When you are young, life is uncomplicated. Student of the year competitions. Ishq wala love.
No big deal.
As you grow older, other more important things start coming into the picture. Cholesterol. Loss of muscle. Tingling of fingers during rainy season.
And the realization that each day lived is a day closer to death.
Nothing though brings home the truth of mortality more than the death of a dear friend.
To be honest, I had never met her. Not in person at least.
But I felt I had seen her, or rather the character of Emmanuelle (after all true artists becomes the character), more than I have known some of my best friends. I have spent more time with her, quality time if I may add, then I have spent with some of the people I call my chuddiest of buddies, a relationship so special that though I never spoke to her, she still spoke back to me, even though the sound was muted.
How many people can it be said that share this wordless chemistry, one that pauses time and video tape?
For those who have never heard of Emmanuelle or the series of movies that bore her name, I don’t blame you.
She was not the kind of friend that needed constant “Say ma name, say ma name” kind of validation.
As a matter of fact, many of her best friends, those who had spent hours interacting with her over bowls of chowmein, would often deny in public any knowledge of her.
But she never held it against them.
To be fair, many who met Emmanuelle didn’t even know it was her.
I mean, how can one know the name of the artiste in a punched scene from a video-showing of “Born Free” or “City Lights” (punching being a cinematic technique used in many alternative theaters in the 80s and 90s wherein scenes from other movies were “mixed” into the narrative of that which was being shown, a technique I discuss in great detail with adequate socio-economic context in my book “May I Hebb Your Attention Pliss”) or recognize her from a poorly printed poster stuck on a cow-dung-caked brick wall, that too sometimes defaced by a strategic rip or a charcoal smudge, the handiwork of moral police type people?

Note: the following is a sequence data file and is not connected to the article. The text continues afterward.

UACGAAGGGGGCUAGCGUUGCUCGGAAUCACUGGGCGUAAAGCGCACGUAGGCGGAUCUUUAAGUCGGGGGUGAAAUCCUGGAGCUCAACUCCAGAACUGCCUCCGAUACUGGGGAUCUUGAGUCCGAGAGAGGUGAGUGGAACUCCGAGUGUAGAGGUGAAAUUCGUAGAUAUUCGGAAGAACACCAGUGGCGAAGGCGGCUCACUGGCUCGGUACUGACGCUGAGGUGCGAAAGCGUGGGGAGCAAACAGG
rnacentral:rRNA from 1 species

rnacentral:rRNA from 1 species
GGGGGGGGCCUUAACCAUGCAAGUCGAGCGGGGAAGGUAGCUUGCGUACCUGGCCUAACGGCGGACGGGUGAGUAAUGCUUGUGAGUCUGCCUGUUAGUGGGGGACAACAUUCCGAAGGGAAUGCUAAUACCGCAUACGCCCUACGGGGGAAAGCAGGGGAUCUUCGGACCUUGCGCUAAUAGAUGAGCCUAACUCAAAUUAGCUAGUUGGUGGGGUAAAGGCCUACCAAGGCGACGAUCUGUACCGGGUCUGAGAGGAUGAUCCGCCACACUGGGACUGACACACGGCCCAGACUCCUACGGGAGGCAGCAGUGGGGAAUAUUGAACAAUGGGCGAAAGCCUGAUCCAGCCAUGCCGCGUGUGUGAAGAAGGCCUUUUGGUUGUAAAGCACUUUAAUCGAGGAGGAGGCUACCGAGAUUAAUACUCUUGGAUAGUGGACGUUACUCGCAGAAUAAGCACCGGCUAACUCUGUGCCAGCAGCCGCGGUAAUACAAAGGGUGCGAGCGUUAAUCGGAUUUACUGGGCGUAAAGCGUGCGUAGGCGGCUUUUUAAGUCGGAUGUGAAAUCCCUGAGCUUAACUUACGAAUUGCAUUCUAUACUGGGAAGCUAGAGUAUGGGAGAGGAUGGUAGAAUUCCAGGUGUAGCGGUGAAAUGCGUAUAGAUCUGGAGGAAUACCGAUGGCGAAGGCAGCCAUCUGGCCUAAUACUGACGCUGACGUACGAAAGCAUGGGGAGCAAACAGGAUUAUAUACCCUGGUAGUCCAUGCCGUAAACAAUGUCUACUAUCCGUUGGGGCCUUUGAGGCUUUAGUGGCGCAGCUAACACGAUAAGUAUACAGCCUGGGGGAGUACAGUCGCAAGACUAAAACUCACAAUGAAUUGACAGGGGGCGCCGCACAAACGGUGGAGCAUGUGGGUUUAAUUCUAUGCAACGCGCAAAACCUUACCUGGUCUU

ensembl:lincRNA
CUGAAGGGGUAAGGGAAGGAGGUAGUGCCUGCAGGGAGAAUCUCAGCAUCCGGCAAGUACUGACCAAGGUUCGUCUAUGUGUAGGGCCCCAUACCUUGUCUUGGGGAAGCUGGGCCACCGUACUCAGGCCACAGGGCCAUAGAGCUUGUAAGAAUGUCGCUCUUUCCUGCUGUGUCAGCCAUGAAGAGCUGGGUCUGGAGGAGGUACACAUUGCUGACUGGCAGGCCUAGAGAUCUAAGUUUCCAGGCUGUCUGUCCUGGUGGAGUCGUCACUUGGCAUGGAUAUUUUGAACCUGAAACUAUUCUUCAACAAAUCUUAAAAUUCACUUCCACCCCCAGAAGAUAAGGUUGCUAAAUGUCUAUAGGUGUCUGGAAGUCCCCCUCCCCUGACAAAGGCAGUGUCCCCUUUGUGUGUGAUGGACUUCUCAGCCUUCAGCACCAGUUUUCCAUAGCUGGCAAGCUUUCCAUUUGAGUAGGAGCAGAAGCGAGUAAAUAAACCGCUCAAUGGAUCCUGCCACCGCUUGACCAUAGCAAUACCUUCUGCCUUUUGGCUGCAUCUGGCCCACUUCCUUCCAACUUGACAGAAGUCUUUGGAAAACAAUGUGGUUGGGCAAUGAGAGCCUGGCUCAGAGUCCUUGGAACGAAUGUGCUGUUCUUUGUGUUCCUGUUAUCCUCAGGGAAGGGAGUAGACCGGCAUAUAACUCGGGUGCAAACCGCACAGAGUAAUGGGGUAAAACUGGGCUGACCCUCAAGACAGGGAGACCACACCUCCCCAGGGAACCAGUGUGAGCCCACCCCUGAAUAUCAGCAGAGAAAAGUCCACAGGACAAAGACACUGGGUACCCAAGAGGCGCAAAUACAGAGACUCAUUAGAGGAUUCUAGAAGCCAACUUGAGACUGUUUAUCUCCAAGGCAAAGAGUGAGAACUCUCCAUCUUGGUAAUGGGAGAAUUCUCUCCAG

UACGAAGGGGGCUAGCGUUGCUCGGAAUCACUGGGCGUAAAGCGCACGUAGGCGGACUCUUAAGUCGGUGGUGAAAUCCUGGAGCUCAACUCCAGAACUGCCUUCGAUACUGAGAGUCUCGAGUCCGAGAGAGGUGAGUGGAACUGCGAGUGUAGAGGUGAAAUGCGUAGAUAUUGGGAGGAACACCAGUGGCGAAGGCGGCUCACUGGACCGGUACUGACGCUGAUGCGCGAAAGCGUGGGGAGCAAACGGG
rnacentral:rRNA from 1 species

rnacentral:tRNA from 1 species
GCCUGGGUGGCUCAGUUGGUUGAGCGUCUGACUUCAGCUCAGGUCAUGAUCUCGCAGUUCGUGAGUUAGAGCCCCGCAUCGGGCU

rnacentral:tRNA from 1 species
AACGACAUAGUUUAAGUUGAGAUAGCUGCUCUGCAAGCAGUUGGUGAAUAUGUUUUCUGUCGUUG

As for me, I am proud to have known Emmanuelle. And thankful. For she taught me about different peoples and different cultures in the course of her peripatetic peregrinations across the world that went beyond the monochromatic dullness of our prescribed text books like “Peoples and Homes Of Many Lands” that contained in its pages soporific descriptions of Lapland and the Isle of Man, which I hasten to add was nothing as entertaining or as informative as how Emmanuelle did the same concepts.
Right now though, I shall console myself by the fact that Emmanuelle was a concept more than a character, one that transcended Slyvia Kristel, metaphorically and literally (there were many Kwality-Quality type of altered-spelling inspirations including Black Emanuelle [note the spelling] played by another icon).And take solace from the fact that she and her character have attained immortality in the hyperspace of video-scan-lines and the nooks and crannies of our liquid memory.
So no, my dear friend. I won’t say farewell. That would be too final a defeat.
Instead I will just press the rewind button.